Fund Hope: Sponsor an Incarcerated UU
Thank you so much for supporting our Faithify campaign and for your interest in learning more about what Prison Ministry at the Church of the Larger Fellowship is like. This Faithify campaign is so important to the incarcerated members of the CLF. What we’re asking you to do is support the membership of our over 1,000 incarcerated UUs who live behind prison walls all across the country.
Through our Worthy Now Prison Network, we are able to provide vital programming for people who live in various forms of incarceration across the United States. In practice and on principle, we do not ask for membership dues from any of our incarcerated members. The programming we offer comes in the form of receiving a variety of printed material which includes:
- Two prison ministry newsletters a year
- A printed copy of the UU World magazine
- A printed copy of the CLF Quest magazine
Every dollar you donate will be doubled!
Can you give $50 to fund hope today?
By contributing to the success of this Faithify Campaign,
you will be helping over 1,000 UUs living in prison.
Additionally, with your help, we are able to offer our UU incarcerated members a number of the Tapestry of Faith classes which we have converted into correspondence format. These rich materials supply valuable religious education to our incarcerated siblings. Perhaps the best thing of all is, after becoming members and completing the New UU Class, they are eligible to receive a pen-pal connection with a free-world person (that’s you).
These pen-pal relationships are often the lifeline for giving and sustaining hope within the prison walls. It is the connection to the Power of We that is so vital to our Unitarian Universalist faith. Can you imagine hearing that you’re worthy of love and justice inside a system that often dehumanizes your very presence?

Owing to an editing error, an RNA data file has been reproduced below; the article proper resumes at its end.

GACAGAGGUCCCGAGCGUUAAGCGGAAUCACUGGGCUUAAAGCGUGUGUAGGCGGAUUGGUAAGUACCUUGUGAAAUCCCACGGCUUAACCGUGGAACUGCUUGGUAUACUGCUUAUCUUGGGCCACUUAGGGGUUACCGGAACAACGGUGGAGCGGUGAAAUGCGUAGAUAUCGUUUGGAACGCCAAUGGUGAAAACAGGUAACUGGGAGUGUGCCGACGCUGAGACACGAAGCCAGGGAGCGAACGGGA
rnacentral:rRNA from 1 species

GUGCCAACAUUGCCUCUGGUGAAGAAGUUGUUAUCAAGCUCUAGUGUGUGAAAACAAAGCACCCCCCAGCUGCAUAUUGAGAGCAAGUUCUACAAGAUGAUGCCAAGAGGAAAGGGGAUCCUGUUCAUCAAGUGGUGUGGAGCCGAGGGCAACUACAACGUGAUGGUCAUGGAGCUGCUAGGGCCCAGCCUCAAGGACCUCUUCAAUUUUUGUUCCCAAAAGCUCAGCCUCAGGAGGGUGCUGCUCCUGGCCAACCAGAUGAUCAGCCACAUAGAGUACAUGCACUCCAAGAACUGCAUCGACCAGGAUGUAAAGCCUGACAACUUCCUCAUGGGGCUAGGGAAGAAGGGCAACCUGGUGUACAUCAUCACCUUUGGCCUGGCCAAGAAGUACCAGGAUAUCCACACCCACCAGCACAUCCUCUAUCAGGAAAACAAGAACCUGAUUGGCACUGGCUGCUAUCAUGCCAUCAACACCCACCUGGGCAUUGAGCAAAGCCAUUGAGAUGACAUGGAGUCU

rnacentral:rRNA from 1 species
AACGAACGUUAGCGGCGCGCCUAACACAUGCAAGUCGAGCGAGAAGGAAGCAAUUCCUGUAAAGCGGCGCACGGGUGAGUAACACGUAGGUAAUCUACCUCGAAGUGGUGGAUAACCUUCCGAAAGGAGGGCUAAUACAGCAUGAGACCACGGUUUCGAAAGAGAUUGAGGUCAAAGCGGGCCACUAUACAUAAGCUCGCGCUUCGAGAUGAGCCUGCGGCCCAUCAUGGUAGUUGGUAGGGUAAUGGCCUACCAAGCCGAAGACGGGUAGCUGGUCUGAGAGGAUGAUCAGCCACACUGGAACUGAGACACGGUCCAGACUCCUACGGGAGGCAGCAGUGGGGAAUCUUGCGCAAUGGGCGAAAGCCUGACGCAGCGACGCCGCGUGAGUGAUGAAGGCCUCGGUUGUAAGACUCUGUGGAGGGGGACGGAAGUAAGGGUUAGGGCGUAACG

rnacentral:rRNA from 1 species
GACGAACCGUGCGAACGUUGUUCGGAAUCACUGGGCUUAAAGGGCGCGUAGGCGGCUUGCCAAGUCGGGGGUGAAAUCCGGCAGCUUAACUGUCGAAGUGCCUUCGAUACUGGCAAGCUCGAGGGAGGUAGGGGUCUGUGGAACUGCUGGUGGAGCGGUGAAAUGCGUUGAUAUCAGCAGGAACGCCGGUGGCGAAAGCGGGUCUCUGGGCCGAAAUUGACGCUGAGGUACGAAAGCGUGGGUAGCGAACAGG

The cost of all this programming is about $150 per person. It would mean so much to the lives of these members if you, your friends, or your congregation found it in you to sponsor an incarcerated member’s cost of $150 dollars. That is less than $0.50 a day to fund this hope-giving ministry to an incarcerated UU.
Maybe that’s a little bit too much, maybe fifty dollars is more in your price range. The truth is, whatever you can give every dollar counts, every dollar helps bring programming and the message of hope and love to people in prison all across this country.
We have over 1,000 incarcerated UU’s depending on us.
Can you give $50 or more to fund hope?
Maybe you don’t feel comfortable standing on street corners and professing your faith but perhaps you would feel comfortable blessing someone’s life with the hope of Unitarian Universalism today! Won’t you bless someone with a membership to the CLF who is living behind prison walls?
* Thanks to the generous challenge grants supported by the Unitarian Universalist Funding Program, every dollar given to this Faithify campaign will be matched.
Fund Spiritual Growth
The Church of the Larger Fellowship has spread Unitarian Universalism to geographically remote people around the world since World War II, through a monthly 8-page publication known as Quest. Originally funded through denominational coffers, since 1970, Quest has been funded solely by subscribers and supporters of the CLF.